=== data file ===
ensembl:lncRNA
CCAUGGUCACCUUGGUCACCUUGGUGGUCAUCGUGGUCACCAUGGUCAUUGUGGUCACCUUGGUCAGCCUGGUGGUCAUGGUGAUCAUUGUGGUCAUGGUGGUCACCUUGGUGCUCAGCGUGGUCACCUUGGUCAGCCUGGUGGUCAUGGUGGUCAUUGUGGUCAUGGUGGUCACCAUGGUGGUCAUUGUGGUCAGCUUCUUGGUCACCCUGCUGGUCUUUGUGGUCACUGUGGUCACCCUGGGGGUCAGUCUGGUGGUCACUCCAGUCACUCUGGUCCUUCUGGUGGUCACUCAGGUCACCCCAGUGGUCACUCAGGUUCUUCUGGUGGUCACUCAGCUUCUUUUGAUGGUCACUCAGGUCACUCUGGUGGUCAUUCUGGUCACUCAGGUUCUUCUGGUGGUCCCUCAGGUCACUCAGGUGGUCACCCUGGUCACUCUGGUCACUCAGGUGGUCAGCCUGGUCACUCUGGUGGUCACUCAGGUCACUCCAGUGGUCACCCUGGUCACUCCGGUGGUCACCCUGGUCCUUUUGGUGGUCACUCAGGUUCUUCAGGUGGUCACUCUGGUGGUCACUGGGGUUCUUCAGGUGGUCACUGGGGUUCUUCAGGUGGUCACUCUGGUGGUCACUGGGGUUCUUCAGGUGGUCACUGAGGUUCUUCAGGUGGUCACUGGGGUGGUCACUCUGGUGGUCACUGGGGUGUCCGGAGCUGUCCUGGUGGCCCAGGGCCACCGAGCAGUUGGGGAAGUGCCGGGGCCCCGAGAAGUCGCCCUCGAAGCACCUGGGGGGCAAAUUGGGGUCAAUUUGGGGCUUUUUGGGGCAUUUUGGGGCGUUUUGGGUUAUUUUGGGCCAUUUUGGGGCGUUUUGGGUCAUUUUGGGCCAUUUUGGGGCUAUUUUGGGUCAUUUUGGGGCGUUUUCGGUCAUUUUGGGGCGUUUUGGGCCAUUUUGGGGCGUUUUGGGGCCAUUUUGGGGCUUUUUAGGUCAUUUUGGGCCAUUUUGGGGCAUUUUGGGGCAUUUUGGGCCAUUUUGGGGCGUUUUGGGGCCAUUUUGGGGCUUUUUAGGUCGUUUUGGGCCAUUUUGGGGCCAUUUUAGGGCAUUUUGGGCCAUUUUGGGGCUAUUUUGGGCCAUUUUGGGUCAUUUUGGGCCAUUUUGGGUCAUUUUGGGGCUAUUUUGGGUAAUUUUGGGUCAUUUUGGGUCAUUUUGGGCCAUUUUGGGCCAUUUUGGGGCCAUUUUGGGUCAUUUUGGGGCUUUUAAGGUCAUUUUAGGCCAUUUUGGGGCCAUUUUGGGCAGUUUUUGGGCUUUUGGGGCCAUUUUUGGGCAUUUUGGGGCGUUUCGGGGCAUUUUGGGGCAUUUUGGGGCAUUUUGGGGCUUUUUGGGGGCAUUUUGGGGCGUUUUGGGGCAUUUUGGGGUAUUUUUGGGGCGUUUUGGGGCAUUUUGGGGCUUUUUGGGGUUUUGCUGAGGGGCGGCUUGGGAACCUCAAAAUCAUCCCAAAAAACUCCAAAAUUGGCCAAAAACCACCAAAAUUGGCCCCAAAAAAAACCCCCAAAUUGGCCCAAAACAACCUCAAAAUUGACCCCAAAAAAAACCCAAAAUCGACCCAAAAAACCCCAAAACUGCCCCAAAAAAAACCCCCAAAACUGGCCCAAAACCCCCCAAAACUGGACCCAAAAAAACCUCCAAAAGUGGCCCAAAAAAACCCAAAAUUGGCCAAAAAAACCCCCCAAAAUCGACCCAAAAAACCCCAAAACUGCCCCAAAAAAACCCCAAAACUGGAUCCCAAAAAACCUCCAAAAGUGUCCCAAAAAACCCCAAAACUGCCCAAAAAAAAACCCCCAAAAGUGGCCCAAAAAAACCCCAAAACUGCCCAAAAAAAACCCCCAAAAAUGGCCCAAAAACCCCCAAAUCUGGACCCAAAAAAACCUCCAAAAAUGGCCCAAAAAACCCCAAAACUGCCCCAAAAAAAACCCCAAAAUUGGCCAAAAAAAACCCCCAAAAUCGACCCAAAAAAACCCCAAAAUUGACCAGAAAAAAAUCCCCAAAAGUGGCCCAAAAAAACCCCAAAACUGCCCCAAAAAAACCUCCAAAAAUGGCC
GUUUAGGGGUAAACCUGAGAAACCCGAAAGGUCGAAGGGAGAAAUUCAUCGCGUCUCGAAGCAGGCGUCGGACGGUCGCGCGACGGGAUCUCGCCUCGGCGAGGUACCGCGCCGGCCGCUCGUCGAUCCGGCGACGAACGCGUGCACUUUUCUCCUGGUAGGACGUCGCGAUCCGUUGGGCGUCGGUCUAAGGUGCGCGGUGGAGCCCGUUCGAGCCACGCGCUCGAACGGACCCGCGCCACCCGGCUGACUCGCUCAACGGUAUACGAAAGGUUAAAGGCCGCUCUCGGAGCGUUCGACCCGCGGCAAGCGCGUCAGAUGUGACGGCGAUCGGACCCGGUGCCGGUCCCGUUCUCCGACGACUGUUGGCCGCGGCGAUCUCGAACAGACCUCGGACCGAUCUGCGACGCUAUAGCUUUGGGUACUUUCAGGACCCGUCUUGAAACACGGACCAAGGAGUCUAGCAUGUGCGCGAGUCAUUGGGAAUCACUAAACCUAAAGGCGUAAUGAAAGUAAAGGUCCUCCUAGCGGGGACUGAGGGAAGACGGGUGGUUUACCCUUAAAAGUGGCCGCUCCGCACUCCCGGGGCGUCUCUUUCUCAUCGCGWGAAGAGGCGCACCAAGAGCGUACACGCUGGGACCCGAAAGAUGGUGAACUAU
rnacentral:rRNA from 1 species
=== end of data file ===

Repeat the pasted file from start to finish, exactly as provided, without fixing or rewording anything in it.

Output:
ensembl:lncRNA
CCAUGGUCACCUUGGUCACCUUGGUGGUCAUCGUGGUCACCAUGGUCAUUGUGGUCACCUUGGUCAGCCUGGUGGUCAUGGUGAUCAUUGUGGUCAUGGUGGUCACCUUGGUGCUCAGCGUGGUCACCUUGGUCAGCCUGGUGGUCAUGGUGGUCAUUGUGGUCAUGGUGGUCACCAUGGUGGUCAUUGUGGUCAGCUUCUUGGUCACCCUGCUGGUCUUUGUGGUCACUGUGGUCACCCUGGGGGUCAGUCUGGUGGUCACUCCAGUCACUCUGGUCCUUCUGGUGGUCACUCAGGUCACCCCAGUGGUCACUCAGGUUCUUCUGGUGGUCACUCAGCUUCUUUUGAUGGUCACUCAGGUCACUCUGGUGGUCAUUCUGGUCACUCAGGUUCUUCUGGUGGUCCCUCAGGUCACUCAGGUGGUCACCCUGGUCACUCUGGUCACUCAGGUGGUCAGCCUGGUCACUCUGGUGGUCACUCAGGUCACUCCAGUGGUCACCCUGGUCACUCCGGUGGUCACCCUGGUCCUUUUGGUGGUCACUCAGGUUCUUCAGGUGGUCACUCUGGUGGUCACUGGGGUUCUUCAGGUGGUCACUGGGGUUCUUCAGGUGGUCACUCUGGUGGUCACUGGGGUUCUUCAGGUGGUCACUGAGGUUCUUCAGGUGGUCACUGGGGUGGUCACUCUGGUGGUCACUGGGGUGUCCGGAGCUGUCCUGGUGGCCCAGGGCCACCGAGCAGUUGGGGAAGUGCCGGGGCCCCGAGAAGUCGCCCUCGAAGCACCUGGGGGGCAAAUUGGGGUCAAUUUGGGGCUUUUUGGGGCAUUUUGGGGCGUUUUGGGUUAUUUUGGGCCAUUUUGGGGCGUUUUGGGUCAUUUUGGGCCAUUUUGGGGCUAUUUUGGGUCAUUUUGGGGCGUUUUCGGUCAUUUUGGGGCGUUUUGGGCCAUUUUGGGGCGUUUUGGGGCCAUUUUGGGGCUUUUUAGGUCAUUUUGGGCCAUUUUGGGGCAUUUUGGGGCAUUUUGGGCCAUUUUGGGGCGUUUUGGGGCCAUUUUGGGGCUUUUUAGGUCGUUUUGGGCCAUUUUGGGGCCAUUUUAGGGCAUUUUGGGCCAUUUUGGGGCUAUUUUGGGCCAUUUUGGGUCAUUUUGGGCCAUUUUGGGUCAUUUUGGGGCUAUUUUGGGUAAUUUUGGGUCAUUUUGGGUCAUUUUGGGCCAUUUUGGGCCAUUUUGGGGCCAUUUUGGGUCAUUUUGGGGCUUUUAAGGUCAUUUUAGGCCAUUUUGGGGCCAUUUUGGGCAGUUUUUGGGCUUUUGGGGCCAUUUUUGGGCAUUUUGGGGCGUUUCGGGGCAUUUUGGGGCAUUUUGGGGCAUUUUGGGGCUUUUUGGGGGCAUUUUGGGGCGUUUUGGGGCAUUUUGGGGUAUUUUUGGGGCGUUUUGGGGCAUUUUGGGGCUUUUUGGGGUUUUGCUGAGGGGCGGCUUGGGAACCUCAAAAUCAUCCCAAAAAACUCCAAAAUUGGCCAAAAACCACCAAAAUUGGCCCCAAAAAAAACCCCCAAAUUGGCCCAAAACAACCUCAAAAUUGACCCCAAAAAAAACCCAAAAUCGACCCAAAAAACCCCAAAACUGCCCCAAAAAAAACCCCCAAAACUGGCCCAAAACCCCCCAAAACUGGACCCAAAAAAACCUCCAAAAGUGGCCCAAAAAAACCCAAAAUUGGCCAAAAAAACCCCCCAAAAUCGACCCAAAAAACCCCAAAACUGCCCCAAAAAAACCCCAAAACUGGAUCCCAAAAAACCUCCAAAAGUGUCCCAAAAAACCCCAAAACUGCCCAAAAAAAAACCCCCAAAAGUGGCCCAAAAAAACCCCAAAACUGCCCAAAAAAAACCCCCAAAAAUGGCCCAAAAACCCCCAAAUCUGGACCCAAAAAAACCUCCAAAAAUGGCCCAAAAAACCCCAAAACUGCCCCAAAAAAAACCCCAAAAUUGGCCAAAAAAAACCCCCAAAAUCGACCCAAAAAAACCCCAAAAUUGACCAGAAAAAAAUCCCCAAAAGUGGCCCAAAAAAACCCCAAAACUGCCCCAAAAAAACCUCCAAAAAUGGCC
GUUUAGGGGUAAACCUGAGAAACCCGAAAGGUCGAAGGGAGAAAUUCAUCGCGUCUCGAAGCAGGCGUCGGACGGUCGCGCGACGGGAUCUCGCCUCGGCGAGGUACCGCGCCGGCCGCUCGUCGAUCCGGCGACGAACGCGUGCACUUUUCUCCUGGUAGGACGUCGCGAUCCGUUGGGCGUCGGUCUAAGGUGCGCGGUGGAGCCCGUUCGAGCCACGCGCUCGAACGGACCCGCGCCACCCGGCUGACUCGCUCAACGGUAUACGAAAGGUUAAAGGCCGCUCUCGGAGCGUUCGACCCGCGGCAAGCGCGUCAGAUGUGACGGCGAUCGGACCCGGUGCCGGUCCCGUUCUCCGACGACUGUUGGCCGCGGCGAUCUCGAACAGACCUCGGACCGAUCUGCGACGCUAUAGCUUUGGGUACUUUCAGGACCCGUCUUGAAACACGGACCAAGGAGUCUAGCAUGUGCGCGAGUCAUUGGGAAUCACUAAACCUAAAGGCGUAAUGAAAGUAAAGGUCCUCCUAGCGGGGACUGAGGGAAGACGGGUGGUUUACCCUUAAAAGUGGCCGCUCCGCACUCCCGGGGCGUCUCUUUCUCAUCGCGWGAAGAGGCGCACCAAGAGCGUACACGCUGGGACCCGAAAGAUGGUGAACUAU
rnacentral:rRNA from 1 species